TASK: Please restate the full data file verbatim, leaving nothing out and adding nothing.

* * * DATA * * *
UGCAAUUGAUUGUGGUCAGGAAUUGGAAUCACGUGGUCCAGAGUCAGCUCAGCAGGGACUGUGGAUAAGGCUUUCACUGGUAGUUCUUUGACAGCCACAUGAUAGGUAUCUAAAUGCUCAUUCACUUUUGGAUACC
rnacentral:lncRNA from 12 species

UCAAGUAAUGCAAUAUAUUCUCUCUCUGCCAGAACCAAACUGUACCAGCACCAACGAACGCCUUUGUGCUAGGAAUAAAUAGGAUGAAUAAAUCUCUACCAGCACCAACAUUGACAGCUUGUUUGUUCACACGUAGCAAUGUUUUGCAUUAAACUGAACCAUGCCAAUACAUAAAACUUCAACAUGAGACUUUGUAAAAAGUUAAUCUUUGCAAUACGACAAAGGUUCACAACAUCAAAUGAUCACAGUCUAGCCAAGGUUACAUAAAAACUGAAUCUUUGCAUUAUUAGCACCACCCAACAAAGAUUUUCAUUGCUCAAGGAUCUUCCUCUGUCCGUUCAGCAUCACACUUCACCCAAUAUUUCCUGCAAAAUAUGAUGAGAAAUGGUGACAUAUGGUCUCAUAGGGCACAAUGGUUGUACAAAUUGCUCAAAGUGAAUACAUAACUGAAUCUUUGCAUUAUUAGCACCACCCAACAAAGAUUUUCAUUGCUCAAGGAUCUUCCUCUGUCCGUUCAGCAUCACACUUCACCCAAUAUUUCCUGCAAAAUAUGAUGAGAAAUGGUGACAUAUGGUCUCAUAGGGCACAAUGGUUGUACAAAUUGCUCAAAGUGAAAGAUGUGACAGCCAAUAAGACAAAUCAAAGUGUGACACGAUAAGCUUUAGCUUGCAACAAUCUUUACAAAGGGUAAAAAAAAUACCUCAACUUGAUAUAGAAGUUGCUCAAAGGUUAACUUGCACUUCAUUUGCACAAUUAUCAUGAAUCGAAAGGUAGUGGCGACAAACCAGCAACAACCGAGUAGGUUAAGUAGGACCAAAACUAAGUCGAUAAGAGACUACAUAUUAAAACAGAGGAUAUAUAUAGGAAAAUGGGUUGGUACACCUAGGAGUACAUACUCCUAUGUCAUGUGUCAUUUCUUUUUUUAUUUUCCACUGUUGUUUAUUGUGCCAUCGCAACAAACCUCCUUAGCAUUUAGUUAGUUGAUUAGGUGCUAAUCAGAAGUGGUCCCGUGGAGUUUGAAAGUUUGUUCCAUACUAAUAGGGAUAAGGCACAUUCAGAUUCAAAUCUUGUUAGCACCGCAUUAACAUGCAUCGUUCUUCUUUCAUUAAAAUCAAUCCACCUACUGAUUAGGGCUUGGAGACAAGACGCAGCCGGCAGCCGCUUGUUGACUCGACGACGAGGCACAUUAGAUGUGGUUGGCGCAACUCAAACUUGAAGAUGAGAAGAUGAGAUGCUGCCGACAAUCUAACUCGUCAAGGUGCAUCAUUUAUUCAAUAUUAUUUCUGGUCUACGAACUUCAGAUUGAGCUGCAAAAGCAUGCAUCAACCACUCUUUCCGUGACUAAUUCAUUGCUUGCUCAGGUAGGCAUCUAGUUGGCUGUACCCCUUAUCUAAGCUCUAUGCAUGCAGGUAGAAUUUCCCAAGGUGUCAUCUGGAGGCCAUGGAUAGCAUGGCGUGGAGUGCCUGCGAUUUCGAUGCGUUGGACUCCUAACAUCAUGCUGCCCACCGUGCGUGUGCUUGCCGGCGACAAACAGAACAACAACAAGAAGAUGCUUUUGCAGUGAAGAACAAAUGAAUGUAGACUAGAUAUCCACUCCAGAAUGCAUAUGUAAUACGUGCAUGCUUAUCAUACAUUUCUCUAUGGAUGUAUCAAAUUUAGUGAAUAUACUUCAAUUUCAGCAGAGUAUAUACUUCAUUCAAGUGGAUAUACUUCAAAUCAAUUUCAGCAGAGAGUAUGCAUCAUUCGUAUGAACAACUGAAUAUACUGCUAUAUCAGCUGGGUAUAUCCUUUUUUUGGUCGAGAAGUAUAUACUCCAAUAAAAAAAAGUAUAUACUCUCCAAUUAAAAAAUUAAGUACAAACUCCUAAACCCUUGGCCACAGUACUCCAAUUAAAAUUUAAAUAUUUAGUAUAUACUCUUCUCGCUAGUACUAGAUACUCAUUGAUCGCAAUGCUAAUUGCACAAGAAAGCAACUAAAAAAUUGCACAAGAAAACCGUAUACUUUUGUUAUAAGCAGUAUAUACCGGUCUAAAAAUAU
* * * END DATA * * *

UGCAAUUGAUUGUGGUCAGGAAUUGGAAUCACGUGGUCCAGAGUCAGCUCAGCAGGGACUGUGGAUAAGGCUUUCACUGGUAGUUCUUUGACAGCCACAUGAUAGGUAUCUAAAUGCUCAUUCACUUUUGGAUACC
rnacentral:lncRNA from 12 species

UCAAGUAAUGCAAUAUAUUCUCUCUCUGCCAGAACCAAACUGUACCAGCACCAACGAACGCCUUUGUGCUAGGAAUAAAUAGGAUGAAUAAAUCUCUACCAGCACCAACAUUGACAGCUUGUUUGUUCACACGUAGCAAUGUUUUGCAUUAAACUGAACCAUGCCAAUACAUAAAACUUCAACAUGAGACUUUGUAAAAAGUUAAUCUUUGCAAUACGACAAAGGUUCACAACAUCAAAUGAUCACAGUCUAGCCAAGGUUACAUAAAAACUGAAUCUUUGCAUUAUUAGCACCACCCAACAAAGAUUUUCAUUGCUCAAGGAUCUUCCUCUGUCCGUUCAGCAUCACACUUCACCCAAUAUUUCCUGCAAAAUAUGAUGAGAAAUGGUGACAUAUGGUCUCAUAGGGCACAAUGGUUGUACAAAUUGCUCAAAGUGAAUACAUAACUGAAUCUUUGCAUUAUUAGCACCACCCAACAAAGAUUUUCAUUGCUCAAGGAUCUUCCUCUGUCCGUUCAGCAUCACACUUCACCCAAUAUUUCCUGCAAAAUAUGAUGAGAAAUGGUGACAUAUGGUCUCAUAGGGCACAAUGGUUGUACAAAUUGCUCAAAGUGAAAGAUGUGACAGCCAAUAAGACAAAUCAAAGUGUGACACGAUAAGCUUUAGCUUGCAACAAUCUUUACAAAGGGUAAAAAAAAUACCUCAACUUGAUAUAGAAGUUGCUCAAAGGUUAACUUGCACUUCAUUUGCACAAUUAUCAUGAAUCGAAAGGUAGUGGCGACAAACCAGCAACAACCGAGUAGGUUAAGUAGGACCAAAACUAAGUCGAUAAGAGACUACAUAUUAAAACAGAGGAUAUAUAUAGGAAAAUGGGUUGGUACACCUAGGAGUACAUACUCCUAUGUCAUGUGUCAUUUCUUUUUUUAUUUUCCACUGUUGUUUAUUGUGCCAUCGCAACAAACCUCCUUAGCAUUUAGUUAGUUGAUUAGGUGCUAAUCAGAAGUGGUCCCGUGGAGUUUGAAAGUUUGUUCCAUACUAAUAGGGAUAAGGCACAUUCAGAUUCAAAUCUUGUUAGCACCGCAUUAACAUGCAUCGUUCUUCUUUCAUUAAAAUCAAUCCACCUACUGAUUAGGGCUUGGAGACAAGACGCAGCCGGCAGCCGCUUGUUGACUCGACGACGAGGCACAUUAGAUGUGGUUGGCGCAACUCAAACUUGAAGAUGAGAAGAUGAGAUGCUGCCGACAAUCUAACUCGUCAAGGUGCAUCAUUUAUUCAAUAUUAUUUCUGGUCUACGAACUUCAGAUUGAGCUGCAAAAGCAUGCAUCAACCACUCUUUCCGUGACUAAUUCAUUGCUUGCUCAGGUAGGCAUCUAGUUGGCUGUACCCCUUAUCUAAGCUCUAUGCAUGCAGGUAGAAUUUCCCAAGGUGUCAUCUGGAGGCCAUGGAUAGCAUGGCGUGGAGUGCCUGCGAUUUCGAUGCGUUGGACUCCUAACAUCAUGCUGCCCACCGUGCGUGUGCUUGCCGGCGACAAACAGAACAACAACAAGAAGAUGCUUUUGCAGUGAAGAACAAAUGAAUGUAGACUAGAUAUCCACUCCAGAAUGCAUAUGUAAUACGUGCAUGCUUAUCAUACAUUUCUCUAUGGAUGUAUCAAAUUUAGUGAAUAUACUUCAAUUUCAGCAGAGUAUAUACUUCAUUCAAGUGGAUAUACUUCAAAUCAAUUUCAGCAGAGAGUAUGCAUCAUUCGUAUGAACAACUGAAUAUACUGCUAUAUCAGCUGGGUAUAUCCUUUUUUUGGUCGAGAAGUAUAUACUCCAAUAAAAAAAAGUAUAUACUCUCCAAUUAAAAAAUUAAGUACAAACUCCUAAACCCUUGGCCACAGUACUCCAAUUAAAAUUUAAAUAUUUAGUAUAUACUCUUCUCGCUAGUACUAGAUACUCAUUGAUCGCAAUGCUAAUUGCACAAGAAAGCAACUAAAAAAUUGCACAAGAAAACCGUAUACUUUUGUUAUAAGCAGUAUAUACCGGUCUAAAAAUAU